What is the impact of a theological education on the spiritual and character development of theology students? While there is often anecdotal evidence of the positive impact of seminary, it is difficult to empirically assess that spiritual and character formation has occurred while in seminary.
A recent study conducted by the Association of Theological Schools revealed that the majority of North American seminaries utilize in-house assessment surveys that are developed ad-hoc and whose ultimate reliability is unknown. Although the spiritual vitality and maturity of future Christian leaders remains at the very heart and mission of theological education, seminaries find it difficult to accurately discern the extent to which they are fulfilling this vital part of their mission.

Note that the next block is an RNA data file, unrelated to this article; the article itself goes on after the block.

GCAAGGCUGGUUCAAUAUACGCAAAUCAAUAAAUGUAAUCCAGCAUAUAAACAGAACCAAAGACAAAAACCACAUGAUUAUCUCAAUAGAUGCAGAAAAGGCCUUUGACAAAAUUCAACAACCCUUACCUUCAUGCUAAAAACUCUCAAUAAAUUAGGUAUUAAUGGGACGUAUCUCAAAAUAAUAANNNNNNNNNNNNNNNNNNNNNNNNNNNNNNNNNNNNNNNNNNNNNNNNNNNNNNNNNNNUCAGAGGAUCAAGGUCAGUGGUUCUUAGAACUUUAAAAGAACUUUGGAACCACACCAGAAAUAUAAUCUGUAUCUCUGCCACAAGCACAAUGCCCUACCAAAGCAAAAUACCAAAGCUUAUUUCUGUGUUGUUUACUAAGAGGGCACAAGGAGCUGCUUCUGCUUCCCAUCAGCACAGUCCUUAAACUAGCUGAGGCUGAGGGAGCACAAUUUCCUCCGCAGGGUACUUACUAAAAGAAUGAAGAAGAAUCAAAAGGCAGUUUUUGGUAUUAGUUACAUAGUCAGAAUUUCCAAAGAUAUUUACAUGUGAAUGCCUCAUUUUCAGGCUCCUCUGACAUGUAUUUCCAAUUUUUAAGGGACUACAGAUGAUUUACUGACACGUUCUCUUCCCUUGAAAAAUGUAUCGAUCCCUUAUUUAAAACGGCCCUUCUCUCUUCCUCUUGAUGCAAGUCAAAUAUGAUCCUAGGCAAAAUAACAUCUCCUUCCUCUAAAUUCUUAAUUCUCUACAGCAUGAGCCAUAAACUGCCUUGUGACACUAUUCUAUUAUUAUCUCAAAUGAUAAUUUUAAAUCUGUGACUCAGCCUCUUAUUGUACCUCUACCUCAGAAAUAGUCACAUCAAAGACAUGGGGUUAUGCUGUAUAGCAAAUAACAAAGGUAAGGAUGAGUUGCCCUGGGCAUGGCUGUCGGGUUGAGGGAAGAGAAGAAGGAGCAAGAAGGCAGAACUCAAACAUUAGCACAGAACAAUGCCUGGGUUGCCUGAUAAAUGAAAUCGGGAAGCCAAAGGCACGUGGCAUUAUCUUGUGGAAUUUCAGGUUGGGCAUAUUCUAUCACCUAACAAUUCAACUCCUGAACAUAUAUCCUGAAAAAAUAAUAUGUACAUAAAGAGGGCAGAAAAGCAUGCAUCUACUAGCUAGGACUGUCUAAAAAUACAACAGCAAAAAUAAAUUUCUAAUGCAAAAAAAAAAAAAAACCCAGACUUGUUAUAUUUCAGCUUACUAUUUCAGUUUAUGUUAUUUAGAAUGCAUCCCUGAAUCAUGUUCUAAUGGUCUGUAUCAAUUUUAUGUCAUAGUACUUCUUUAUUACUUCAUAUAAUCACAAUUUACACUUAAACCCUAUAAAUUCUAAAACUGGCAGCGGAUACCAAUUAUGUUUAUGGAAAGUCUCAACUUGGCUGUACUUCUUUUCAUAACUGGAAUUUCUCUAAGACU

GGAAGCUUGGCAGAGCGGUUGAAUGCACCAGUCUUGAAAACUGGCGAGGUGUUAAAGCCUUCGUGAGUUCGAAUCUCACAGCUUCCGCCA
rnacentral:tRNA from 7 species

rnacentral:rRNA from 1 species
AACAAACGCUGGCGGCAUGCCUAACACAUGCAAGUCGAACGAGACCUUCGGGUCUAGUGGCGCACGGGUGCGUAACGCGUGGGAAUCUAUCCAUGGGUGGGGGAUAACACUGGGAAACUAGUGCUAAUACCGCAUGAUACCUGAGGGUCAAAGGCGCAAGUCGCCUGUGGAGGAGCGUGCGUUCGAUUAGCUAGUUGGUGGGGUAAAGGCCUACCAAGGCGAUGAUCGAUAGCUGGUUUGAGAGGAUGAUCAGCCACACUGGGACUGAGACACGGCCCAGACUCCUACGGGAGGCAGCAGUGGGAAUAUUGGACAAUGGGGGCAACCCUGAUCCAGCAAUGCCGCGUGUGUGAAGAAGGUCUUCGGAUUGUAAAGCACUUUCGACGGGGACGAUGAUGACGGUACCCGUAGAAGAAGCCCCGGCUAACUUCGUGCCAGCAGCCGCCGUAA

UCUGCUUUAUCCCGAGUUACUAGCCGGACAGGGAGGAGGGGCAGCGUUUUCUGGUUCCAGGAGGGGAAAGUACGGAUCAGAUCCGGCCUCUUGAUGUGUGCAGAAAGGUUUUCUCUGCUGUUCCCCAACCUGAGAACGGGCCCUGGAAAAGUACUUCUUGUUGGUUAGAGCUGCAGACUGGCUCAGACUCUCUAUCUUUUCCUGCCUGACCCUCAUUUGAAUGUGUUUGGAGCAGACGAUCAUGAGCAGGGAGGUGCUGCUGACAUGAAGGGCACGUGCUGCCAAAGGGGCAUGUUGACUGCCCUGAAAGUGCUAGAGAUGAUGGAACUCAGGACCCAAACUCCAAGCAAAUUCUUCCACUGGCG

Over the past three years, David Wang, associate professor of psychology at Rosemead School of Psychology, has assembled a team of psychologists, theologians, philosophers and seminary leaders (including Talbot professors Judy TenElshof and John Coe) for the purpose of developing an ecumenical, theologically grounded and psychometrically sound spiritual formation assessment survey.
This self-report survey has been pilot-tested on evangelical, mainline Protestant and Roman Catholic seminary students. Based on this initial work, the John Templeton Foundation recently awarded Biola University a $1.9 million dollar grant to oversee a three-year longitudinal study of the character and spiritual formation of theology students at 18 North American seminaries, including Talbot, Trinity Evangelical Divinity School and Princeton Theological Seminary.
Wang will be the study’s principal investigator, while Peter Hill, professor of psychology, and Steve Porter, professor of spiritual formation and theology, will serve as part of a larger leadership team. The project’s ultimate aim will be to help ensure that seminary education is helping to develop the spiritual and moral lives of its students.